What we read: The Soul of an Octopus

Eight thumbs up.

The Soul of an Octopus: A Surprising Exploration into the Wonder of Consciousness

Sy Montgomery

Atria books: 2015

272 pages

At different bookstores, I gazed at this book cover and told myself I didn't need another book to read. Nevertheless, I bought this book down in Punta Gorda and promptly devoured it — as quickly as my schedule allows for devouring. I'll admit, I'm a tad octopus-centric, with various octopus-related ephemera in my house, but even if you aren't, I found, this book has a gentle way of sucking you in to its pages and making you want to know more.

Expect some narrative and some science and some sadness (octopuses don't live as long as, say, a cat) but Sy Montgomery does a phenomenal job of mixing science with well-theorized conjecture about these complex animals. I now have a great deal of facts about octopuses — handy things, like "octopi" is never correct because you can't mix Greek and Latin etymology, that they're color blind but can change color, and the females have estrogen (I don't even want to picture the mood swings).

Perhaps part of the reason this book is eminently readable is that Montgomery also writes children's books. That's not to say the text is simplistic; rather, she's able to write to a lay audience, and do so with skill and craft. At no point does she set you adrift in a sea of scientific language or rain jargon down upon you. She's written an easy, compelling book about octopuses, based on her personal experiences and interactions.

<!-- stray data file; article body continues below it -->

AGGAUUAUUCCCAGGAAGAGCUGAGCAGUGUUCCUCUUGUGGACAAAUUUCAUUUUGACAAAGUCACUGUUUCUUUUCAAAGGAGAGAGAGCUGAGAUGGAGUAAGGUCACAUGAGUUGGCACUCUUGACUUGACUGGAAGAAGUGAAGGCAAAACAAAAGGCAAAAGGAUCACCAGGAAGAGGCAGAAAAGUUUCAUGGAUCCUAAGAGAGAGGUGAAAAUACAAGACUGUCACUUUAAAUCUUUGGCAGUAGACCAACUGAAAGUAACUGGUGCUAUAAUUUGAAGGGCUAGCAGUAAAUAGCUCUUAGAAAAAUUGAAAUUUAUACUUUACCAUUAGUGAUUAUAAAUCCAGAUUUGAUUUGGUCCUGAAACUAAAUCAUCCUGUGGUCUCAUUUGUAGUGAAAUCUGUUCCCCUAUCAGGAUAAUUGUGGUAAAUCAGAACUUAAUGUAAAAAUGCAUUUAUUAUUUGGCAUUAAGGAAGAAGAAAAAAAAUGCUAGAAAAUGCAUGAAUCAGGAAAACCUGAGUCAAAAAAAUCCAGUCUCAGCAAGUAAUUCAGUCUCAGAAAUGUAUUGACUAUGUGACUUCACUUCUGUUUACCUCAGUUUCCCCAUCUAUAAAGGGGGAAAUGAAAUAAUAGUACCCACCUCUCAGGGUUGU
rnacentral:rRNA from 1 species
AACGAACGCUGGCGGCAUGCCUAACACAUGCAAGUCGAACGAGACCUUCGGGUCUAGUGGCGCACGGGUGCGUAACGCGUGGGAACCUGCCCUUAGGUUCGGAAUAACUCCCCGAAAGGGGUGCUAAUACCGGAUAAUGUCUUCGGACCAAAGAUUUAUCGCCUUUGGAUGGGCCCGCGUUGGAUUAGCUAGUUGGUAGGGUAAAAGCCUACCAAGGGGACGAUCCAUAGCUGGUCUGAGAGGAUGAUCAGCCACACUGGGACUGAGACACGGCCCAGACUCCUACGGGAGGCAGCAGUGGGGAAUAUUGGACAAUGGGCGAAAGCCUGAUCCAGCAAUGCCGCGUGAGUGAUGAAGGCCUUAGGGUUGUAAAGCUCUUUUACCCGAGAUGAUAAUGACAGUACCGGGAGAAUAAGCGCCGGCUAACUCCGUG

I don't typically enjoy the anthropomorphization of animals — dolphins aren't "happy" because they have genetically set smiles; dogs aren't "smiling" when they pull back their lips. However, I do believe animals have souls and Montgomery makes a valid case for octopus having emotions not unlike humans (as well as abstract reasoning capabilities).

There's also almost enough of her in the book. When an octopus dies — and they do die, make no mistake about that, this is not a "happily ever after" type of book — I do wish she allowed readers a deeper insight into how profoundly it affected her, because one gets the sense she isn't revealing how much it impacted her.

The Soul of an Octopus was a finalist for the National Book Award in 2015 (Ta-Nehisi Coates's Between the World and Me won), a nomination richly deserved. It's a pleasure to read a book dealing with science written in a way so as to engage people (like me) who never took a second year of biology.

Email Cathy here.

About The Author

Cathy Salustri

Cathy's portfolio includes pieces for Visit Florida, USA Today and regional and local press. In 2016, UPF published Backroads of Paradise, her travel narrative about retracing the WPA-era Florida driving tours that was featured in The New York Times. Cathy speaks about Florida history for the Osher Lifelong Learning...
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